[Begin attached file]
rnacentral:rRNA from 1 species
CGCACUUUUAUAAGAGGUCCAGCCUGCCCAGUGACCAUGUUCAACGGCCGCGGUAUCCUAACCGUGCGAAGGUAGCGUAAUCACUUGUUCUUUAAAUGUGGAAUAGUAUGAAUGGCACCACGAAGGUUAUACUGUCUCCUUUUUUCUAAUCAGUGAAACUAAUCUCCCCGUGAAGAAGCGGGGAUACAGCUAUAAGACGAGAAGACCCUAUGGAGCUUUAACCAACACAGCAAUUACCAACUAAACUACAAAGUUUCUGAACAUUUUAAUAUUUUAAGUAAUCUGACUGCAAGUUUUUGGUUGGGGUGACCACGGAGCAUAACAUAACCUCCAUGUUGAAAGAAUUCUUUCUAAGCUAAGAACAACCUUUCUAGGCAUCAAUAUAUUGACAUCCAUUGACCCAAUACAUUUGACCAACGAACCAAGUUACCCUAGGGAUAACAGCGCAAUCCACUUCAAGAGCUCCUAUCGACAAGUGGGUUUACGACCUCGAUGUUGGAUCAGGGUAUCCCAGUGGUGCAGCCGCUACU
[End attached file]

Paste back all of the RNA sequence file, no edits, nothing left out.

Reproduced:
rnacentral:rRNA from 1 species
CGCACUUUUAUAAGAGGUCCAGCCUGCCCAGUGACCAUGUUCAACGGCCGCGGUAUCCUAACCGUGCGAAGGUAGCGUAAUCACUUGUUCUUUAAAUGUGGAAUAGUAUGAAUGGCACCACGAAGGUUAUACUGUCUCCUUUUUUCUAAUCAGUGAAACUAAUCUCCCCGUGAAGAAGCGGGGAUACAGCUAUAAGACGAGAAGACCCUAUGGAGCUUUAACCAACACAGCAAUUACCAACUAAACUACAAAGUUUCUGAACAUUUUAAUAUUUUAAGUAAUCUGACUGCAAGUUUUUGGUUGGGGUGACCACGGAGCAUAACAUAACCUCCAUGUUGAAAGAAUUCUUUCUAAGCUAAGAACAACCUUUCUAGGCAUCAAUAUAUUGACAUCCAUUGACCCAAUACAUUUGACCAACGAACCAAGUUACCCUAGGGAUAACAGCGCAAUCCACUUCAAGAGCUCCUAUCGACAAGUGGGUUUACGACCUCGAUGUUGGAUCAGGGUAUCCCAGUGGUGCAGCCGCUACU